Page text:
An expert may base an opinion on facts or data in the case that the expert has been made aware of or personally observed. If experts in the particular field would reasonably rely on those kinds of facts or data in forming an opinion on the subject, they need not be admissible for the opinion to be admitted. But if the facts or data would otherwise be inadmissible, the proponent of the opinion may disclose them to the jury only if their probative value in helping the jury evaluate the opinion substantially outweighs their prejudicial effect.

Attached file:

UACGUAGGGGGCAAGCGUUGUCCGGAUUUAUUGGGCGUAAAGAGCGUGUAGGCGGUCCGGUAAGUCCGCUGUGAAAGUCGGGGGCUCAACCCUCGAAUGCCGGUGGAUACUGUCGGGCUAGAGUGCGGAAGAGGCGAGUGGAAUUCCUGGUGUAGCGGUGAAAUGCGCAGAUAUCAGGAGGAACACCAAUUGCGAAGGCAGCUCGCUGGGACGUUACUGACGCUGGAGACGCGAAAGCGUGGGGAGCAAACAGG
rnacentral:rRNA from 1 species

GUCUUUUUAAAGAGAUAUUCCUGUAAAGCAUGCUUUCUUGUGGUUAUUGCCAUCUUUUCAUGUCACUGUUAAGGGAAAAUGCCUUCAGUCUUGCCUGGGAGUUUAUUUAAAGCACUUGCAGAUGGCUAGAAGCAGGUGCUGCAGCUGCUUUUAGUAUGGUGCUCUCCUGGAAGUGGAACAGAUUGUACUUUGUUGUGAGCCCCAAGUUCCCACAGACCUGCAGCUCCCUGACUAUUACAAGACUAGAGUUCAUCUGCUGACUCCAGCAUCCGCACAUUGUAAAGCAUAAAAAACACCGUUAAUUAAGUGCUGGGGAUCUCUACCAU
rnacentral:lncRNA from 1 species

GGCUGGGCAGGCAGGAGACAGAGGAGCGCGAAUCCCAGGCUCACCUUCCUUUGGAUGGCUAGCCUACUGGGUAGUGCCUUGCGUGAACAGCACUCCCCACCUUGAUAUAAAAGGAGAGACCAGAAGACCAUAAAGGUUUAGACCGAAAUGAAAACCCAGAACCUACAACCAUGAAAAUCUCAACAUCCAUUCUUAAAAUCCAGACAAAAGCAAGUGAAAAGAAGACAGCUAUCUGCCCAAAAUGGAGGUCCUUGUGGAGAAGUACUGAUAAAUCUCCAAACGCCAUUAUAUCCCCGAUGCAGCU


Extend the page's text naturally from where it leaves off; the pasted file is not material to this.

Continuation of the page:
Rule 703 is based on Rule 703 of the Federal Rules of Evidence.
Rule 703 was amended, effective March 1, 1990. The amendments are technical in nature and no substantive change is intended.
Rule 703 was amended, effective March 1, 2007, to incorporate the 2000 amendments to Fed.R.Ev. 703.
Rule 703 was amended, effective March 1, 2014, in response to the December 1, 2011, revision of the Federal Rules of Evidence. The language and organization of the rule were changed to make the rule more easily understood and to make style and terminology consistent throughout the rules. There is no intent to change any result in any ruling on evidence admissibility.
SOURCES: Minutes of Joint Procedure Committee of April 26-27, 2012, page 31; September 22-23, 2005, pages 2-6; March 24-25, 1988, page 12; December 3, 1987, pages 15-16; June 3, 1976, page 6; Fed.R.Ev. 703.
CROSS REFERENCE: N.D.R.Ev. 702 (Testimony by Experts).